I am often contacted by people who either want to hire me or they have questions about the process of hiring a public relations person. There are usually many questions, but the one that gets me rattled and moves the conversation from a Q & A to a lecture is the inevitable question about wanting to find the person with the “golden Rolodex.”
For you youngsters, a Rolodex is what people used for organizing contacts in the old days – it’s a revolving card holder, organized alphabetically. Although, I checked the website, and apparently, people are still buying them, so maybe they are hip again. But back in Mad Men times, if you left or were fired, you would swoop your Rolodex off the desk and march off in a huff – leaving your company devastated without access to your precious contacts and you feeling slightly less panicked because you held the keys to the kingdom (your network) in your hands.
These days, I guess if we want to leave with a bit of drama and fanfare, we grab our laptops, but it hardly leaves the same impact because we all know you can find your contacts on about six different devices in as many seconds.
Jas Singh wrote about it recently on Linkedin in The Myth of the Transferable Rolodex:
“It makes so much sense – hire the person with the magic rolodex. The magic “black book”. Transferable clients. Golden relationships. That will move with the candidate and do whatever he or she says. Morning and Night. Instant Success. And we all live happy ever after….”
In PR, there is a myth of the Golden Rolodex. A shimmering, glossy desktop model, I imagine, bursting with key contacts at every major media outlet in the world – organized alphabetically, of course. I guess the myth has been sustained because non-PR folks want to believe like I continue to want to believe in Santa, that there is a magical quality to PR or at least a silver bullet that explains success. The dream is that if you hire the person with the right contacts, they can guarantee media results. They have The Golden Rolodex – all they have to do is call up their friends at any number of media companies and your organization will appear in the news outlets of choice.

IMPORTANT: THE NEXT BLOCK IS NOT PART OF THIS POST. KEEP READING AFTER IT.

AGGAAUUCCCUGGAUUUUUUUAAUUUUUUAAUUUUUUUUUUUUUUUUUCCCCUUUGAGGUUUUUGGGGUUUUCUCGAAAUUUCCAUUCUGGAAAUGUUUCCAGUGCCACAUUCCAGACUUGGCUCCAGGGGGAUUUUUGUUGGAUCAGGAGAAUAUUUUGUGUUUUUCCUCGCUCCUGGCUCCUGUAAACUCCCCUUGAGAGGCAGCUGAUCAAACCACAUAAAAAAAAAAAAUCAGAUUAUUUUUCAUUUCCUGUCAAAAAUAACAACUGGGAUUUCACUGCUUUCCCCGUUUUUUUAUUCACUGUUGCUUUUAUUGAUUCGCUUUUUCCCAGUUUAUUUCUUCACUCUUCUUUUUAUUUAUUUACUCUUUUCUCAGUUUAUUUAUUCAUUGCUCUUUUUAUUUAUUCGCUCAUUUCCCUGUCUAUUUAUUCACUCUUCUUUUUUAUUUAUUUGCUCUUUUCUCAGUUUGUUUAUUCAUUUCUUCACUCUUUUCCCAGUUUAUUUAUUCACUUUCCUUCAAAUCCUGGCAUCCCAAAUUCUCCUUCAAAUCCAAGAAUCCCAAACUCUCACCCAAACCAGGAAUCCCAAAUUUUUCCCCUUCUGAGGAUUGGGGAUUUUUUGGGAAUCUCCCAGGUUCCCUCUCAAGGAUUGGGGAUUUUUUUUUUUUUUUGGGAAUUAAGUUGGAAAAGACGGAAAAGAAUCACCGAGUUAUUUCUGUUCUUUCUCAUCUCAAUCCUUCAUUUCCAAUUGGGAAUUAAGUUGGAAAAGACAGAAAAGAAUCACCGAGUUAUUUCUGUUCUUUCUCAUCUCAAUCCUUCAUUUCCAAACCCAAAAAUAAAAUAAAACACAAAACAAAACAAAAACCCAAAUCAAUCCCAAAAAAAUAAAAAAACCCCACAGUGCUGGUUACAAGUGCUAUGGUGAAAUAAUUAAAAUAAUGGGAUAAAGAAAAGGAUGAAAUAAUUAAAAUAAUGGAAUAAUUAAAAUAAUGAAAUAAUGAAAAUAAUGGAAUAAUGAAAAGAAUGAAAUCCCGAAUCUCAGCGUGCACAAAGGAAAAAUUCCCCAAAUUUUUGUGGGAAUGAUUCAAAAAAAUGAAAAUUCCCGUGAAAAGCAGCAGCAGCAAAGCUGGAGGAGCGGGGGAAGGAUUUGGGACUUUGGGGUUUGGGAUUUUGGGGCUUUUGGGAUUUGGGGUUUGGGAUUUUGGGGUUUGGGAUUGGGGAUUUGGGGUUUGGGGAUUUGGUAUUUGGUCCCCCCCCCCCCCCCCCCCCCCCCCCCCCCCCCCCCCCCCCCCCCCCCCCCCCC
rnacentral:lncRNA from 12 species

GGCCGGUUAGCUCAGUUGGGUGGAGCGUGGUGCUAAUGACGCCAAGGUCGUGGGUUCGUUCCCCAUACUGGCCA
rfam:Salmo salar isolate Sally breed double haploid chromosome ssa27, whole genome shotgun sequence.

But it doesn’t work that way. Pitching media is based on relationships, but those relationships are built on PR people providing relevant information, at the right time, to the right journalist. The idea that the journalist who loved my story idea 5 years ago will continue to write about everything I send their way into perpetuity is ridiculous.
Yes, connecting with lots of smart journalists is very useful to the PR professional. But more importantly, knowing how to find the right journalist, at the right time, is critical. I do not have to be friends with someone, or even have an existing relationship with them, if my story idea is targeted, timely, and relevant.
Blame Google, blame computers, blame Santa – however it happened, it just is not reasonable to assume that a long-amassed list of contacts will be useful, if even relevant. And frankly, reusing media lists is one of my top No-Nos for PR professionals. Every pitch should be crafted fresh. Offering a client a stale list is like offering my dinner guest a stale wine. “Oh, but I opened it last month and it was so fresh and relevant then!”
Now, there are certainly instances when journalists will rely on the same PR person over time – but that is usually for complex, ongoing pieces – which frankly is not what the vast majority of companies are looking to pitch. Let’s face it, for-profit companies mostly hire PR people to pitch product and company news, with some trend and analysis pieces on occasion. Which I love doing, but journalists are not dying for more product news – I am quite certain that they’re getting way more than they want.
When I think back to the major pieces I have pitched – LA Times, MSNBC, Golf, Women’s Day, San Francisco Chronicle – they were all covered by editors that I met when I pitched them the story that they covered. I got major national news coverage based on research, timing, and relevance – not relationships. It was based on a mutual exchange at a certain point in time, not an ongoing relationship. When I think of the minor pieces I have been included in – about 20 this year – those were all covered by bloggers and journalists that I met when I pitched them that story.
“The dirty secret about PR these days is that WHO you know matters much less than WHAT you know. What’s more, there is so much staff movement in media outlets today that there’s a good chance who you knew yesterday at TechCrunch has been replaced by a total stranger.”
My advice: If you need good PR, hire someone who understands the process and can bring the art and science of media planning and pitching to your organization.
Cheers, and make sure to add me to your Rolodex!